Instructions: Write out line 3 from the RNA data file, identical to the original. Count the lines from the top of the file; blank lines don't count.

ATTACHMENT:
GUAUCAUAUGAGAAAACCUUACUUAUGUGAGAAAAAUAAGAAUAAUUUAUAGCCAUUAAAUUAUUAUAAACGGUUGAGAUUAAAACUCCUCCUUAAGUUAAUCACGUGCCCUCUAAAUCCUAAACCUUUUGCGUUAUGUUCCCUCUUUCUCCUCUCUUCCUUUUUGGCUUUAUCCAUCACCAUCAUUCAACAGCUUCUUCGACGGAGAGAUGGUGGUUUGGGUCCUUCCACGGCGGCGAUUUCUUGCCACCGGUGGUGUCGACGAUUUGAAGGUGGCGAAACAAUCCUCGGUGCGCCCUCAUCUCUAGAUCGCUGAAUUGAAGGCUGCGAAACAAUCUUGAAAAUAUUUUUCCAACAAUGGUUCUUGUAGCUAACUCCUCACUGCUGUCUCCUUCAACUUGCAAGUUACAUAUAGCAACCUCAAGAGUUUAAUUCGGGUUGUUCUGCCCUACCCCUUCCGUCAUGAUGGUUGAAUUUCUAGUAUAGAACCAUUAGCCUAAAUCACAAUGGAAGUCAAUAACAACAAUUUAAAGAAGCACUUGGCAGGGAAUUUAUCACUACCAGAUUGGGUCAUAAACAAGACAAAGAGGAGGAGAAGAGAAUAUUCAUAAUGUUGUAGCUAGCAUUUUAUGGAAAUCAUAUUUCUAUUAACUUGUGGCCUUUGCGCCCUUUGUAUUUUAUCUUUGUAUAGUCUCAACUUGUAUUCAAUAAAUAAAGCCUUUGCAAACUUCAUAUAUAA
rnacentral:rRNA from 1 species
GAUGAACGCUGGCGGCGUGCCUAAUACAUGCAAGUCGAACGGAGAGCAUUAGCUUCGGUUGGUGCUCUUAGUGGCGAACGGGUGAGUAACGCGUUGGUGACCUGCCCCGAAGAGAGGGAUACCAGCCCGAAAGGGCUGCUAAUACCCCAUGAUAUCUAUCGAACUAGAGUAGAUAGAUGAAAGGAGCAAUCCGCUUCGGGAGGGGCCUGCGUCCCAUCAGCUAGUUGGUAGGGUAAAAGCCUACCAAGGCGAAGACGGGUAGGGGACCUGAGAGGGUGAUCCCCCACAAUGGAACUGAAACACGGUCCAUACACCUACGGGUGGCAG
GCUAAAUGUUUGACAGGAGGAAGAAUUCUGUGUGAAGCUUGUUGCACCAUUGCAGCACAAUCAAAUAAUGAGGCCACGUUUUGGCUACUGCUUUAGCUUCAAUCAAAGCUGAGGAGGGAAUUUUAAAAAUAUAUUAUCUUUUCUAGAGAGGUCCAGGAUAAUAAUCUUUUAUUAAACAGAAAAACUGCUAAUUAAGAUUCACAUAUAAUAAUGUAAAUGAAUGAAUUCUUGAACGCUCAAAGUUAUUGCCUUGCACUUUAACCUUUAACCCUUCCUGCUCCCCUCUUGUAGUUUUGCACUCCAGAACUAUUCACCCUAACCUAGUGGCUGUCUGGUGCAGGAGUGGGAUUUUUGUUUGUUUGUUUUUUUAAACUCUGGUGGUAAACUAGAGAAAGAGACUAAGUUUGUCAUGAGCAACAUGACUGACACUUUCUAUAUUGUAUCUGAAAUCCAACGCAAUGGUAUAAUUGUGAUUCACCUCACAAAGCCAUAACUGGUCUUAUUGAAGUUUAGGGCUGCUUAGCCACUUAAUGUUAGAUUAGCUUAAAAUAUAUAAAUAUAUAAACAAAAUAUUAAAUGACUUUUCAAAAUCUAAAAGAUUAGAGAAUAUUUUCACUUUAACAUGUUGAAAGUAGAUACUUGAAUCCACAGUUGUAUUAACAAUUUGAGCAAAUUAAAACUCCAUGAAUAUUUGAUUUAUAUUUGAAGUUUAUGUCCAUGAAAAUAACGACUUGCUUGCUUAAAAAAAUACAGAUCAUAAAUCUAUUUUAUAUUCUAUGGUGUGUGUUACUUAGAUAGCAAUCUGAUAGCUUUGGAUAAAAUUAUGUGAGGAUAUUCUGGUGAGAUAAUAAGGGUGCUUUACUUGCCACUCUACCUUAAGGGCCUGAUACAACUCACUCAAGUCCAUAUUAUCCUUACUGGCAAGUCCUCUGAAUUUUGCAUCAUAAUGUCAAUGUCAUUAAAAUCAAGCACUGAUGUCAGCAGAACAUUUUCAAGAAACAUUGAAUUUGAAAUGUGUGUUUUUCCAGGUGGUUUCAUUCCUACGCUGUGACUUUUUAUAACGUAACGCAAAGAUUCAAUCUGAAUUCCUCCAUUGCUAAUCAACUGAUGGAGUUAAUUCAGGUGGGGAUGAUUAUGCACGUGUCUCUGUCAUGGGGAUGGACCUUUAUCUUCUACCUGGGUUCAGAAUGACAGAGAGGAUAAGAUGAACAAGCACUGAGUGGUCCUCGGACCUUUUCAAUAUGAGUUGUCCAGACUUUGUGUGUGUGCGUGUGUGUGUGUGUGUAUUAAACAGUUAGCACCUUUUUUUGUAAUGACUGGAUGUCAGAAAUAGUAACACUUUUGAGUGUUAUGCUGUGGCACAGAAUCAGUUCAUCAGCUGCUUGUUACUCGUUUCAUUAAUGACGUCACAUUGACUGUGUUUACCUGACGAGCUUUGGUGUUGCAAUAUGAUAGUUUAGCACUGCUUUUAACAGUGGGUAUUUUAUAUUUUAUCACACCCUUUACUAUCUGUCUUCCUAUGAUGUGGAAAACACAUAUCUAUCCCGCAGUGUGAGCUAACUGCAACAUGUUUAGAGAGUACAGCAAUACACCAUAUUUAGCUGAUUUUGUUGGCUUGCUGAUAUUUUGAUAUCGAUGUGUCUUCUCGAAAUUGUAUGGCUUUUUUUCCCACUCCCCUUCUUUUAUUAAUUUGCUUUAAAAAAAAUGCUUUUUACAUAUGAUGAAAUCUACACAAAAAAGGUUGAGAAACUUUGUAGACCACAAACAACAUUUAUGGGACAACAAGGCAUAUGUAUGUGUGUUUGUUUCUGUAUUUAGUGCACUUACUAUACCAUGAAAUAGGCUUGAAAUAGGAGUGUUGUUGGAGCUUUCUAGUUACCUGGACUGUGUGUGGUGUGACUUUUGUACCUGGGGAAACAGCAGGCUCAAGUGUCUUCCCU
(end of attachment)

GAUGAACGCUGGCGGCGUGCCUAAUACAUGCAAGUCGAACGGAGAGCAUUAGCUUCGGUUGGUGCUCUUAGUGGCGAACGGGUGAGUAACGCGUUGGUGACCUGCCCCGAAGAGAGGGAUACCAGCCCGAAAGGGCUGCUAAUACCCCAUGAUAUCUAUCGAACUAGAGUAGAUAGAUGAAAGGAGCAAUCCGCUUCGGGAGGGGCCUGCGUCCCAUCAGCUAGUUGGUAGGGUAAAAGCCUACCAAGGCGAAGACGGGUAGGGGACCUGAGAGGGUGAUCCCCCACAAUGGAACUGAAACACGGUCCAUACACCUACGGGUGGCAG